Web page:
Sunday, 15 May 2011

Penguin no. 2371: The Fancy Dress Party
by Alberto Moravia

Sebastiano was quite capable of seeing that Tereso's government was in many respect's arbitrary and was founded wholly on force. But the idea of a government composed of people like Saverio was utterly horrifying to him. Tereso, he said to himself, at least knew how to sit on a horse. In concluding thus he was following the dictates of taste, which seemed to him more reliable than reasoning. To Sebastiano, who was very serious in his frivolity, there was no greater sin than lack of elegance and no greater inelegance than a belief in something. Now Saverio was ugly, misshapen and badly dressed, and believed in too many things. This was quite enough to make Sebastiano prefer Tereso to him and people of his sort.

The English title of this translated novel seems insipid and poorly chosen. It doesn't convey the essence of the story at all, although it is captured perfectly there on the cover. In Italian the title is La Mascherata, meaning not so much a fancy dress party as a masquerade, or at least something masked or camouflaged.

And that is what this book is about on so many levels: each of the characters is taking part in a game of calculated subterfuge, pursuing a goal inevitably linked to power, sex or money, but always with an element of pretence or concealment. Even the book itself has something of a masked purpose: it is a kind of farce containing an analysis of the Italian fascist regime of Mussolini, but pretending to be the story of a dictatorship in an unnamed ex-Spanish colony somewhere "on the other side of the ocean". Copies of the second edition of the book were seized by the Italian authorities.

The totalitarian state is partitioned into its component parts, with each part represented by a major character: there is the dictator at the head, the fawning upper classes who support him, the police who maintain his authority through terror, the spy network on which they rely, corrupt individuals seeking the dictator's patronage to increase their wealth and their power, and the communist revolutionary with his idealistic dreams of the proletariat. At the base are the simple, unsuspecting and uncritical people.

The dictator is General Tereso Arango, who fought his way to victory in a civil war, consolidated his rule  through questionable means, and now finds himself secure and popular. He is beloved by the crowds but unloved by any woman, and women are his weakness. Unfortunately his success and power make him a magnet for the wrong type. The Duchess Gorina represents the wealthy upper classes. She wants the General as a guest at one of her parties in order to enhance her own prestige, and to lure him she presents the young and beautiful widow Fausta as bait. But Fausta is well named: she is immoral, unchaste and calculating, representing the corrupt elements of the regime. She will pretend an affection for Tereso and become his mistress in return for a government contract and its lucrative benefits for her brother.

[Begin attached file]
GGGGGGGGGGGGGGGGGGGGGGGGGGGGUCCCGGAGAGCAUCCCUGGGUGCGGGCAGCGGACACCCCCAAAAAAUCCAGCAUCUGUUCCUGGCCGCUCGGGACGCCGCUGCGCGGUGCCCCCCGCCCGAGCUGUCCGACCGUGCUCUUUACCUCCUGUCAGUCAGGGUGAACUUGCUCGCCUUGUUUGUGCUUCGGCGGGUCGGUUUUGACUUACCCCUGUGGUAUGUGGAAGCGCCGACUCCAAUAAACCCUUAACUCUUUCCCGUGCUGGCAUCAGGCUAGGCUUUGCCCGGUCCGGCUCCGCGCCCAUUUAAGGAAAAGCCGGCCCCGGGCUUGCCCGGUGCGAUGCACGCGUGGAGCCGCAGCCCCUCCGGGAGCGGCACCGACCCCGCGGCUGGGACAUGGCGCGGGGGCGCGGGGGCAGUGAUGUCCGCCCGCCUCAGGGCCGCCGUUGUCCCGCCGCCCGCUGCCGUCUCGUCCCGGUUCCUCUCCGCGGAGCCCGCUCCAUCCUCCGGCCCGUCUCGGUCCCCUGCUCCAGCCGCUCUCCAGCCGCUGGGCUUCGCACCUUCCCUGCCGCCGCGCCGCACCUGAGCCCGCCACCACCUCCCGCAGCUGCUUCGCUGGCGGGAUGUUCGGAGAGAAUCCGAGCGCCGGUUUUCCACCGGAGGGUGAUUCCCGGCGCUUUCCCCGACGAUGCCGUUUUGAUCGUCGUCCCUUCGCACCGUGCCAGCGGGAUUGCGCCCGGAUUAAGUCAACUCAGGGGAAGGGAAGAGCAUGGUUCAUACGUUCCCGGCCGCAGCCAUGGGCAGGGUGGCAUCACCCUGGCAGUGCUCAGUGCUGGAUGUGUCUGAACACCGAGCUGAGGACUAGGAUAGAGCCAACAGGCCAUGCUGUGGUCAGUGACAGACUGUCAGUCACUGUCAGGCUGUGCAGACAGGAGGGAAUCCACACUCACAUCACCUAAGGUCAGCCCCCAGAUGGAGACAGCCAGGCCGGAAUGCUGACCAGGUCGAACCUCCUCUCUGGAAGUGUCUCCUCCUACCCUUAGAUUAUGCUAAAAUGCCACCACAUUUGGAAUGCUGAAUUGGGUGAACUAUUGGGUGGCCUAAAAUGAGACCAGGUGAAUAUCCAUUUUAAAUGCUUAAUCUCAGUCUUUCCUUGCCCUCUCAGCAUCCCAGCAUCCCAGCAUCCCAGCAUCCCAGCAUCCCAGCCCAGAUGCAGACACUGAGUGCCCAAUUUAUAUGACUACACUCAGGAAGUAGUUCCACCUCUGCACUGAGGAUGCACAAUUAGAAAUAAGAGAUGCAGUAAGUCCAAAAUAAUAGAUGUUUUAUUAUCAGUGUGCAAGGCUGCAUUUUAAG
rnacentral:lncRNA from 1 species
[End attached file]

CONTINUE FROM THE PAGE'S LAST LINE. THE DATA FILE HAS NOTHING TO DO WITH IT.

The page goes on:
But the party at the Duchess' villa simultaneously presents an opportunity for others. The Chief of Police Cinco wants to sure up his position and power, which is inevitably slipping as the General becomes more assured of his own popularity. While wearing the mask of loyalty, he plots a fake assassination attempt with his spy Perro. Perro loves intrigue, and loathes revolutionaries, and yet has established himself as the head of a local revolutionary party. He has no trouble recruiting the fanatical but naive Saverio to carry out the fake plot by dressing as a footman and planting a bomb in the General's bathroom, even though it carries the risk of death. Saverio's unsuspecting brother volunteers to join the plot for his own reasons, wearing the mask of a revolutionary.

And so everything is masked. Every element involves some measure of deception: fake bomb, fake plot, fake revolutionary party, fake loyalty. Wherever you look in this story things are not as they seem.

Its strength lies in the unusual narration. The story is told by following each of the characters in turn, learning of their thoughts and beliefs, the opportunity they perceive in the Duchess' party, the true motive of their actions and the mask that they present to the others. Each is described and analysed in turn, but the author passes no comment; the descriptions are insightful, but the individuals are never condemned. This is simply what they are: grotesque, immoral, self-centred and self-justifying; the system of government encourages it.

The climax of the novel is farcical, but the message is clear: in the end nobody wins.

Also by Alberto Moravia:
Penguin no. 880: The Woman of Rome
Penguin no. 1357: Roman Tales
Penguin no. 1460: Two Adolescents

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